Malaria is transmitted by mosquitoes, just as Yellow Fever and Dengue Fever are, and it is considered one of the most severe infectious diseases that travelers could encounter. Likely, most cases of Malaria are preventable! The best methods of prevention are awareness of risk, avoidance of mosquito bits, and chemoprophylaxis (antimalarial medication).
Awareness: Research the area that you will be visiting and determine if there is a risk of contracting malaria. This can be done by visiting the CDCs website or by calling a travel health clinic.
Avoidance: Once you determine that malaria is present in the country you are traveling to then it is time to do some shopping. The best methods of prevention are insect repellents.
– Wear protective clothing (Make sure you cover as must body surface area as possible to reduce exposed skin.)
– Apply insect repellents as directed by the manufacturer (The best insect repellent is one that contains 20%-50% DEET. Other active ingredients that are recommended are Picaridin and Lemon Eucalyptus.).
– Sleep in areas protected by screens and netting. Netting impregnated with a residual insecticide provide the best protection.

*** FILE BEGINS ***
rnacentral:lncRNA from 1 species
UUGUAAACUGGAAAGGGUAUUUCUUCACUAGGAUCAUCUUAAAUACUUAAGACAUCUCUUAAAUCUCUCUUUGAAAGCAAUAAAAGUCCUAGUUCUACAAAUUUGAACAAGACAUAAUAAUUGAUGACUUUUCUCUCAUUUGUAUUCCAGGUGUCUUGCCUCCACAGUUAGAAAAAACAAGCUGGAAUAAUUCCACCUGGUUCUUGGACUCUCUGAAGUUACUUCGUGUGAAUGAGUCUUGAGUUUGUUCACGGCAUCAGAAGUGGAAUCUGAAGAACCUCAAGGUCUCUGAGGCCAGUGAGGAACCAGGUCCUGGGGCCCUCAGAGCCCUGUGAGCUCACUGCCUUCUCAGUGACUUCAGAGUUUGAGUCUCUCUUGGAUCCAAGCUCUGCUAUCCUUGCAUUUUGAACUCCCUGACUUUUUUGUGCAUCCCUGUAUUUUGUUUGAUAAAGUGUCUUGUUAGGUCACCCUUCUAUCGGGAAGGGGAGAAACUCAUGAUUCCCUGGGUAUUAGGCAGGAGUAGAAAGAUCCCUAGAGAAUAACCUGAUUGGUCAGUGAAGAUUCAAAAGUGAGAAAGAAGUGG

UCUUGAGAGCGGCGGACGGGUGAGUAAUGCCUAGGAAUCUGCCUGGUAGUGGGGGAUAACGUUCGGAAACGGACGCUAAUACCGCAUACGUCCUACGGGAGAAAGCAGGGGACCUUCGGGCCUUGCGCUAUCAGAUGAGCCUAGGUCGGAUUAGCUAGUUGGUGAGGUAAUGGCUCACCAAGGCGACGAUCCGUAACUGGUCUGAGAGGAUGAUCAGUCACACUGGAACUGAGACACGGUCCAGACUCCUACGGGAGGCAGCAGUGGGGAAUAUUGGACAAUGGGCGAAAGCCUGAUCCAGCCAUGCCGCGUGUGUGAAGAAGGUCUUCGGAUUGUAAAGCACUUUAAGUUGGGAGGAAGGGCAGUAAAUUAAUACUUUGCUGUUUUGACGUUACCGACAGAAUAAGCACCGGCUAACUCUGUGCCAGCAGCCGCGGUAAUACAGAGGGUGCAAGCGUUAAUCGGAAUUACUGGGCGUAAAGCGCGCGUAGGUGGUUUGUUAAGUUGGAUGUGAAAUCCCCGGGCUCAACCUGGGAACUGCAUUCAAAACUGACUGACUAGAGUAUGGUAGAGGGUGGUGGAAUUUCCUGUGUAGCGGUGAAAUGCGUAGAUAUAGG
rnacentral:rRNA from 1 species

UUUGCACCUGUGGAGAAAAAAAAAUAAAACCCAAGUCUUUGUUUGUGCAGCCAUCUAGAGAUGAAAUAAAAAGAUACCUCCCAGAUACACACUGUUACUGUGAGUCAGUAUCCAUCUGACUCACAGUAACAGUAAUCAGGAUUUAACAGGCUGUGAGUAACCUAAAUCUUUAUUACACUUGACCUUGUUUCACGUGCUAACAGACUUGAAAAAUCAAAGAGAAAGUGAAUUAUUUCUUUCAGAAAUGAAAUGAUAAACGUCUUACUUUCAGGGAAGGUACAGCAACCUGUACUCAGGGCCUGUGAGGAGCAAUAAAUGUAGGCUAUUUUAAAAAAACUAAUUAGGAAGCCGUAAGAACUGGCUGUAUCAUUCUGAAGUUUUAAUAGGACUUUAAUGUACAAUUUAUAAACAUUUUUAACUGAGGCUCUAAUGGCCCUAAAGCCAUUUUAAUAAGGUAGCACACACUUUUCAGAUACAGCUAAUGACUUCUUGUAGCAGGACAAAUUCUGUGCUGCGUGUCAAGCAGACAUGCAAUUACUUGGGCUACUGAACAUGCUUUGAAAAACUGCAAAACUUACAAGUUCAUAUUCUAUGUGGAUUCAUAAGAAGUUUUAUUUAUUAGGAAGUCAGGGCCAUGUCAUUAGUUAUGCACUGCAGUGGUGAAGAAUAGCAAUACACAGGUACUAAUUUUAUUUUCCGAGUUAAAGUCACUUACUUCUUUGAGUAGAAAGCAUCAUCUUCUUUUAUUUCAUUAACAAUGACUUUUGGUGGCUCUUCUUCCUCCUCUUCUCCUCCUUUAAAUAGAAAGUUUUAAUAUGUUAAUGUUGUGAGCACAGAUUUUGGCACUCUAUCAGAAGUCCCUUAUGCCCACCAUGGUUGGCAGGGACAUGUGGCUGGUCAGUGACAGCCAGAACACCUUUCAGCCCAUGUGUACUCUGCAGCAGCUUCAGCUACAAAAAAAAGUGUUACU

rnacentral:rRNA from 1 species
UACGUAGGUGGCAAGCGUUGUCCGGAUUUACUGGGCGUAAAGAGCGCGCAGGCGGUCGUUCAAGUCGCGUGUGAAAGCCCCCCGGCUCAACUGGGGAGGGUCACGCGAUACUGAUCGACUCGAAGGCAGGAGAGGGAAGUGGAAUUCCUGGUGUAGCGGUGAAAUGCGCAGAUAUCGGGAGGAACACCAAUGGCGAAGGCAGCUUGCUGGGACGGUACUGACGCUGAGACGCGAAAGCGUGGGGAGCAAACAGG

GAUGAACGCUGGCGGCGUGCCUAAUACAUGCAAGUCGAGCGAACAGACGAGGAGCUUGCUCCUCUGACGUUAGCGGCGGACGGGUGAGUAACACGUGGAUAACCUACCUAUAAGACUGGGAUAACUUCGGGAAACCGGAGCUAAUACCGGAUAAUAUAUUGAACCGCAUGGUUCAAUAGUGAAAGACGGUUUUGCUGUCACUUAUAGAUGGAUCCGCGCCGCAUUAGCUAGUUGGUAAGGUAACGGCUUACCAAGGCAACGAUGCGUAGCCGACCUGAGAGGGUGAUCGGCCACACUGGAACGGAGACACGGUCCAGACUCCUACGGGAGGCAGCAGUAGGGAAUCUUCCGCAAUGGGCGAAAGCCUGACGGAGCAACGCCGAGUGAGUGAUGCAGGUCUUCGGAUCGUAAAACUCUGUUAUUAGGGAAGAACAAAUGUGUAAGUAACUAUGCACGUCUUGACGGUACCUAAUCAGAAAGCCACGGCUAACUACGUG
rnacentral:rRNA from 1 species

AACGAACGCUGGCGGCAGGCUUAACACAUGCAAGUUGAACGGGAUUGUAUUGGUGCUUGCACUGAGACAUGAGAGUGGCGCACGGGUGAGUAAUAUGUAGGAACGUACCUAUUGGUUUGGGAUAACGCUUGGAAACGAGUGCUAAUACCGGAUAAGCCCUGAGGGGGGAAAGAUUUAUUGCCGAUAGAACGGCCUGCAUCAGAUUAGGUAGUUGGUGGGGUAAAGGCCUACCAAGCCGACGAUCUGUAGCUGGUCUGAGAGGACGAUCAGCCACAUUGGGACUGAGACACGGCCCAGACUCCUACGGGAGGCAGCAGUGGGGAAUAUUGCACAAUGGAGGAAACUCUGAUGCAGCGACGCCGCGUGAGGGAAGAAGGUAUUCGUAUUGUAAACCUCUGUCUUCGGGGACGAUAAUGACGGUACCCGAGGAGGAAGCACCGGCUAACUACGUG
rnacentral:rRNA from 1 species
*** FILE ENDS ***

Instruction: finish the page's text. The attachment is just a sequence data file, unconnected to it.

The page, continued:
Chemoprophylaxis: There are many options when it comes to antimalarial drugs, determining which one will work best for you is dependent on two things: what country you are visiting and your concern with frequency of dosing and potential side effects. The best way to determine what will work best for you is by contacting a travel health clinic.
If upon return (up to one year after traveling) from your trip you are experiencing any signs and symptoms of illness (example: fever, diarrhea, respiratory illness or rash) please be sure to contact your healthcare provider as soon as possible. It is important to inform your provider of your recent travels to aid them in determining the cause of your symptoms.